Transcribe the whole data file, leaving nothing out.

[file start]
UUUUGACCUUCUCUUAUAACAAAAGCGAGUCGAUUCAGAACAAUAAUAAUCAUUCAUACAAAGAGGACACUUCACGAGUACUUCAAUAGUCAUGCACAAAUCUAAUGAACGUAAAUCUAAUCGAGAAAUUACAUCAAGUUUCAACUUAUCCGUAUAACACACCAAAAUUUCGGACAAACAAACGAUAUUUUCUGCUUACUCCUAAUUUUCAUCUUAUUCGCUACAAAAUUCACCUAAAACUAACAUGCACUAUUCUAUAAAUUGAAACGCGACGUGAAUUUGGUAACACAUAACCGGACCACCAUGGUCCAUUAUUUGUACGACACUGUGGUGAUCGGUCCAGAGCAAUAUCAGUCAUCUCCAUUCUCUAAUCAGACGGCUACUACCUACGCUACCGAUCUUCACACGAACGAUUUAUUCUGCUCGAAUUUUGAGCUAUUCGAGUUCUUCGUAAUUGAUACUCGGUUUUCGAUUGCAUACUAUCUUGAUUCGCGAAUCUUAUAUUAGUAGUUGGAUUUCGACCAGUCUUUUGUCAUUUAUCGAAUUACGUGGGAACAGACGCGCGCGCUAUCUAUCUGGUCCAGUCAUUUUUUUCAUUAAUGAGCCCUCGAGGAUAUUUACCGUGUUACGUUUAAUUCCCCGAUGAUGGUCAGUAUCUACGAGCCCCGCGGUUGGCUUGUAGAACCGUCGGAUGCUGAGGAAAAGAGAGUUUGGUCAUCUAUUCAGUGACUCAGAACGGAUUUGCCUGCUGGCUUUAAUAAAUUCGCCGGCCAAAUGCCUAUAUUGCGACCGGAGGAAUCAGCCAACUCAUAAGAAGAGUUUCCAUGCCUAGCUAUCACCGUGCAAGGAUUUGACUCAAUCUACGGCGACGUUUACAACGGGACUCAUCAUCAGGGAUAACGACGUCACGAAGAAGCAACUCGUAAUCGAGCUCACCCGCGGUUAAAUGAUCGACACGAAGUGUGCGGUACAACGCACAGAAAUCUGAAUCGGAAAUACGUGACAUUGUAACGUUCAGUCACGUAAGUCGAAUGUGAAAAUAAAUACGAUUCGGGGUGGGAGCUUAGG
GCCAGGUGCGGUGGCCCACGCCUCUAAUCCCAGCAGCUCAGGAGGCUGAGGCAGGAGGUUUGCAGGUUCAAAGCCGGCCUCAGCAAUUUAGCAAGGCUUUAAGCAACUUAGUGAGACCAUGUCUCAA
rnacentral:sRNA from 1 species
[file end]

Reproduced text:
UUUUGACCUUCUCUUAUAACAAAAGCGAGUCGAUUCAGAACAAUAAUAAUCAUUCAUACAAAGAGGACACUUCACGAGUACUUCAAUAGUCAUGCACAAAUCUAAUGAACGUAAAUCUAAUCGAGAAAUUACAUCAAGUUUCAACUUAUCCGUAUAACACACCAAAAUUUCGGACAAACAAACGAUAUUUUCUGCUUACUCCUAAUUUUCAUCUUAUUCGCUACAAAAUUCACCUAAAACUAACAUGCACUAUUCUAUAAAUUGAAACGCGACGUGAAUUUGGUAACACAUAACCGGACCACCAUGGUCCAUUAUUUGUACGACACUGUGGUGAUCGGUCCAGAGCAAUAUCAGUCAUCUCCAUUCUCUAAUCAGACGGCUACUACCUACGCUACCGAUCUUCACACGAACGAUUUAUUCUGCUCGAAUUUUGAGCUAUUCGAGUUCUUCGUAAUUGAUACUCGGUUUUCGAUUGCAUACUAUCUUGAUUCGCGAAUCUUAUAUUAGUAGUUGGAUUUCGACCAGUCUUUUGUCAUUUAUCGAAUUACGUGGGAACAGACGCGCGCGCUAUCUAUCUGGUCCAGUCAUUUUUUUCAUUAAUGAGCCCUCGAGGAUAUUUACCGUGUUACGUUUAAUUCCCCGAUGAUGGUCAGUAUCUACGAGCCCCGCGGUUGGCUUGUAGAACCGUCGGAUGCUGAGGAAAAGAGAGUUUGGUCAUCUAUUCAGUGACUCAGAACGGAUUUGCCUGCUGGCUUUAAUAAAUUCGCCGGCCAAAUGCCUAUAUUGCGACCGGAGGAAUCAGCCAACUCAUAAGAAGAGUUUCCAUGCCUAGCUAUCACCGUGCAAGGAUUUGACUCAAUCUACGGCGACGUUUACAACGGGACUCAUCAUCAGGGAUAACGACGUCACGAAGAAGCAACUCGUAAUCGAGCUCACCCGCGGUUAAAUGAUCGACACGAAGUGUGCGGUACAACGCACAGAAAUCUGAAUCGGAAAUACGUGACAUUGUAACGUUCAGUCACGUAAGUCGAAUGUGAAAAUAAAUACGAUUCGGGGUGGGAGCUUAGG
GCCAGGUGCGGUGGCCCACGCCUCUAAUCCCAGCAGCUCAGGAGGCUGAGGCAGGAGGUUUGCAGGUUCAAAGCCGGCCUCAGCAAUUUAGCAAGGCUUUAAGCAACUUAGUGAGACCAUGUCUCAA
rnacentral:sRNA from 1 species